In my experience, companies would be far better off if sales managers were more effective in making sure that new opportunities entering each seller's pipeline were better qualified. One of the many responsibilities of a sales manager is to have sellers work on opportunities that have a high probability of resulting in orders.

For those organizations that are effective in this endeavor, the health of pipelines should be evaluated on an ongoing basis. As with an annual physical, developments can cause previously viable opportunities to devolve into low probability. In some cases it may make sense for sellers to continue withdrawing. Some of the causes are that sellers:

  • Are unable to gain access to Key Players
  • Are unable to uncover desired business outcomes
  • Are unable to establish potential payback/value
  • Have offerings that aren't a good fit for buyers
  • Can't get budget allocated

A core concept of CCS® is that bad news early is good news, meaning that early disqualification is better than going the distance and losing. Most sellers want pipelines with many opportunities in them. Left to their own devices they may knowingly or unknowingly focus more on quantity than quality.

Managers would be well served to realize that pipeline health should not be based upon one-time qualifications as opportunities are entered. As with regular physicals, monthly looks at opportunities are necessary to do sanity checks on whether or not they are moving forward.


Need some help with your sales performance? Take a look at the sales training workshops available to you and improve sales performance. Your Roadmap to Revenue Growth® awaits!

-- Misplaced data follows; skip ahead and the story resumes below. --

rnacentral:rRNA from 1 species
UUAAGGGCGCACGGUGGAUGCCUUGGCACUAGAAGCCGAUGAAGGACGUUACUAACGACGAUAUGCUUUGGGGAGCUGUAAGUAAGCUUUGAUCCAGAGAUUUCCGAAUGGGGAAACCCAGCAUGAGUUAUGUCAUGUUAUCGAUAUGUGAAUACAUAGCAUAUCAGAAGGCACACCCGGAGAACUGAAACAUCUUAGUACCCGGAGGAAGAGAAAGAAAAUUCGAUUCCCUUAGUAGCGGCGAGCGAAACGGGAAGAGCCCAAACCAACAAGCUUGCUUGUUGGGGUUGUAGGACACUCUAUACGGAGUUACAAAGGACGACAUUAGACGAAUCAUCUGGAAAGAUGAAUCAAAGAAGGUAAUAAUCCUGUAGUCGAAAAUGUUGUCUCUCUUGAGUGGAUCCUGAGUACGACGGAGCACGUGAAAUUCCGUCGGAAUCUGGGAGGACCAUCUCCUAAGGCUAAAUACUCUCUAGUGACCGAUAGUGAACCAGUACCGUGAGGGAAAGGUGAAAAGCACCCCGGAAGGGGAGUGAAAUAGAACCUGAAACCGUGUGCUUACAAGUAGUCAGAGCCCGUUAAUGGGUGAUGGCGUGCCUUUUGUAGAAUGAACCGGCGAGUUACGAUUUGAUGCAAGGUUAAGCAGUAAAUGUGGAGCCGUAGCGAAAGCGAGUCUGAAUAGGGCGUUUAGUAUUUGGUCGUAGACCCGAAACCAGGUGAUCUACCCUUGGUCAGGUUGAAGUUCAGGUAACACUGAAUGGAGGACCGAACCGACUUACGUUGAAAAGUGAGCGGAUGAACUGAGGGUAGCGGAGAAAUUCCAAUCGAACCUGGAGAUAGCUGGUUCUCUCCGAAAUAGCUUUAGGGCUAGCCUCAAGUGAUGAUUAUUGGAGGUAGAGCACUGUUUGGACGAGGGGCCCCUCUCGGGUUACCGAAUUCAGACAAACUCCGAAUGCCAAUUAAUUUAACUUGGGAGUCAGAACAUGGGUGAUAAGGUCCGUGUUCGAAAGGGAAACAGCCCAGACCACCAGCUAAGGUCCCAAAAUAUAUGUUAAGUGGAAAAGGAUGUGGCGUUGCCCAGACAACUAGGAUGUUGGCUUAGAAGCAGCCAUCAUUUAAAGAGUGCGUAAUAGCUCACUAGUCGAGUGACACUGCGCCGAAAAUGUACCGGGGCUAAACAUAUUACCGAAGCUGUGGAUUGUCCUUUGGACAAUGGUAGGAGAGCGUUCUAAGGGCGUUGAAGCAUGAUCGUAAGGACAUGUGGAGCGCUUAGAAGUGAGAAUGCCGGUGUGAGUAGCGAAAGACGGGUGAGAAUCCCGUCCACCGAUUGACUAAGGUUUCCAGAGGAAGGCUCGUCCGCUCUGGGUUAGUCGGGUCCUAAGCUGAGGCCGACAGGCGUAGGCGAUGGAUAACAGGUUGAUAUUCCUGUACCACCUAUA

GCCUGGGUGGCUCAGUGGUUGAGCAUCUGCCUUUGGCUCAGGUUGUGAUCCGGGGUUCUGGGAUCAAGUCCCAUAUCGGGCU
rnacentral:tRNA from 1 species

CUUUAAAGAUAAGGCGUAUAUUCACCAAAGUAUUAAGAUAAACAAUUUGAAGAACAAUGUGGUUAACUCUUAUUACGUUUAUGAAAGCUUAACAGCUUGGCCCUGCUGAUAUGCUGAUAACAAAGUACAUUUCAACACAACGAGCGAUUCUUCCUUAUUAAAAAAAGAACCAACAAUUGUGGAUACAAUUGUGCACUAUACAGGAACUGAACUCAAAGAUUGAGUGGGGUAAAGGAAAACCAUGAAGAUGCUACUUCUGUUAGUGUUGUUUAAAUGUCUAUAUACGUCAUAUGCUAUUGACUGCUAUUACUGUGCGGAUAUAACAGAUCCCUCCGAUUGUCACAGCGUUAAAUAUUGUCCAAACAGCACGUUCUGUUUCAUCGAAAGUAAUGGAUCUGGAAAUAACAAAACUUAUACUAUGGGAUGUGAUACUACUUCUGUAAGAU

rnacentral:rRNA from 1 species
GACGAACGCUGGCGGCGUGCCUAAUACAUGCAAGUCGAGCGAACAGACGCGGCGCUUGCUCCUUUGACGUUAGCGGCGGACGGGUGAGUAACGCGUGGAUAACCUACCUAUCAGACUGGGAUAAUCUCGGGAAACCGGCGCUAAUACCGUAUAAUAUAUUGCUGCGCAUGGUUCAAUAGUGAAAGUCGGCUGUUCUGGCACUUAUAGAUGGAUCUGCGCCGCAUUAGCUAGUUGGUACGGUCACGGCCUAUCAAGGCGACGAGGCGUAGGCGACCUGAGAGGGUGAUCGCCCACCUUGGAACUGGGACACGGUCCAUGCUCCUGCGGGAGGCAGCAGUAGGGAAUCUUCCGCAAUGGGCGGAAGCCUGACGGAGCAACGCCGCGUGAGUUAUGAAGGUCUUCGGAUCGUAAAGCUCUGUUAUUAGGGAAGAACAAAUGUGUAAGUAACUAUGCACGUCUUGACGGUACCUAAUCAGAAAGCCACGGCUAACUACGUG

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Sales Training Article: Gaining Access to Key Players

Category: Sales Training  |  Permalink

Published: Wednesday, May 21, 2014

Sales Training Article: Gain Access to Key Players Using Need Development by Proxy

By John Holland, Chief Content Officer, CustomerCentric Selling® - The Sales Training Company

Image courtesy of Salvatore Vuono at FreeDigitalPhotos.net

sales training workshopIn my last blog post, I suggested that sellers should avoid asking questions that senior executives may be unable to answer. The risks of doing so include failing to relate to the buyer and the potential of being delegated to lower levels.

If, however, you are at low levels and want to gain access to Key Players you can and should ask questions buyers are either unable or unwilling to answer. One of the suggested approaches is to attempt doing need development by proxy. It can migrate calls from product evaluations to discussing potential value.